I don’t like getting gifts because one year I ended up with two of everything. “Why do you have two moms?” I remember the unintentionally cruel question from the other middle school students. “If your mom is gay does that mean you’re gay too?” I didn’t have an answer to that question, thinking my mother’s gayness was a phase that would recede when she was done being angry at my father. Instead, she and my step mom moved into a house together, interlocking our lives, and all of our things. My mother’s house reflected her newly uncovered sexuality. 2000 was a glamorous time for two women in their 40s. We had two dogs, two couches, two televisions, two cars, two sets of knives and two sets of pots for two moms to ignore while they went out to places with names like Juniper and Gads.

Meanwhile, on the other end of the zip code, our father’s house became a museum. He kept close the hand-crafted objects collected from his travels around the world, things that couldn’t simply be duplicated or replaced. He’d downsized to a ranch with a dark interior, where he curated the rooms to reflect the kind of single man he could finally be. With a cigar hanging from his lips, expensive black caviar under his fingernails, and a useless hunting dog sighing with his head on my fathers lap, he presided over this home where he could sink into the natural state of his shibboleth. His house slowly transformed into the colors and odors of a Flemish painting, where it always smelled faintly like Limburger cheese and it was somehow always winter.

Bedding is a powerful thing. When children suddenly have to choose whose house their beloved bed and covers and pillows go to, the other parent goes out and hastily finds a small creaky frame and scratchy wool blankets that smell like dust in an attic. The second bed is never as nice as the first. It’s always a little too small, a little too old, and lumpy in places a ninety pound child can feel poking into her ribcage. Blankets can ruin a perfect bed, and they can make perfect a ruined bed. A blanket is the ultimate symbol of a new beginning.

My best friend knew these truths, because she lived through them too. She knows the value of a blanket. It must be warm enough to make it through the winter when one parent was cheap with the heat. It must be pretty enough that friends who sleep over will be jealous of it. It must be light enough to wrap around our shoulders and walk to the kitchen like that on a Saturday morning.

I ask myself: how can a person who knows so much about me one day not be a part of my life? The end of our friendship left behind all these textures I don’t understand but am now responsible for mending. Were her gifts a way to cover up the holes in our friendship, and did I hold up my end by providing the patches we could use to mend it? Or did we avoid talking about what made us tick because we have the same emotional guards that characterize children whose parents made them the weapon?

So how do we face unwanted gifts without facing our own history and our own shortcomings? The comfort of the objects we seek out only serve to reaffirm who we believe—in our most generous way—we really are. It’s easy to do what my parents did, to fill our homes with objects that reflect our ideal self back upon us. It’s easy to gloss over our faults and flaws with things that keep us bobbing on the surface above our chaotic emotional depths. To disrupt this dream is to be a better human. We must find some objective flaws to remind us we have them in the first place.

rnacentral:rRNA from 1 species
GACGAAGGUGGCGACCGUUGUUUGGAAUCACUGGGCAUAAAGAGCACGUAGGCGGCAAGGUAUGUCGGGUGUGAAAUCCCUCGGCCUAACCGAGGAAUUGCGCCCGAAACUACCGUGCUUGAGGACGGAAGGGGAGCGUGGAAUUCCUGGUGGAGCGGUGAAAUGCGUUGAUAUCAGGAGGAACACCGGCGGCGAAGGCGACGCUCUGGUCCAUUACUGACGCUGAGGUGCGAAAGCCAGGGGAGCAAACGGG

Obviously I kept the blanket. I sleep with it every night and I wrap it around me when I eat cereal hungover on my couch. I finger the threads and trace the patches that cap a hole to protect the delicate insides. I think about my friend and where she is, how she’s doing, and if we’ll ever really be friends again. What else are we supposed to do with the parts of ourselves we have a difficult time facing?

This is how you deal with an object given to you by someone you love who is no longer part of your life: hold it closer. Recognize the parts you haven’t patched up are not broken, but simply incomplete. An unwanted object, one with patches and stitches in the places that were torn, can remind us to do the only thing left to do after something is damaged: repair.


Listen to the live version from David Wayne Reed’s Shelf Life series.

Holiday Special



I’ve seen a lot of artists use their work for good, especially in light of recent American developments. Sometimes I don’t know how to use my writing to construct a better world, but this December, that will change.

You’ve seen my rates & services. You’ve thought about your business, or art practice, or self-promotion. You’ve thought about hiring a writer to take on some of the work for you, but were waiting for the right moment. That moment is now.

For every project I work on in December, I will take 20% off my usual rates as a holiday gift to you.

But wait, there’s more!

I want to live in a world we can be proud of. That’s why I’m donating 50% of my December project profits to one of these organizations:

Earth Justice

Campaign Zero

The Trevor Project

Planned Parenthood

NODAPL (various places to donate)

When you hire me as your writer, you get to decide which of these organizations you would like to see the money donated. This is a small way for us to support those who are committed to building a better world for us to live in. Donating is just the beginning, but it’s the least we can do to begin to find peace during the giving season.

I hope you will join me in the fight for compassion and equality.

Love, and happy holidays,

Annie Raab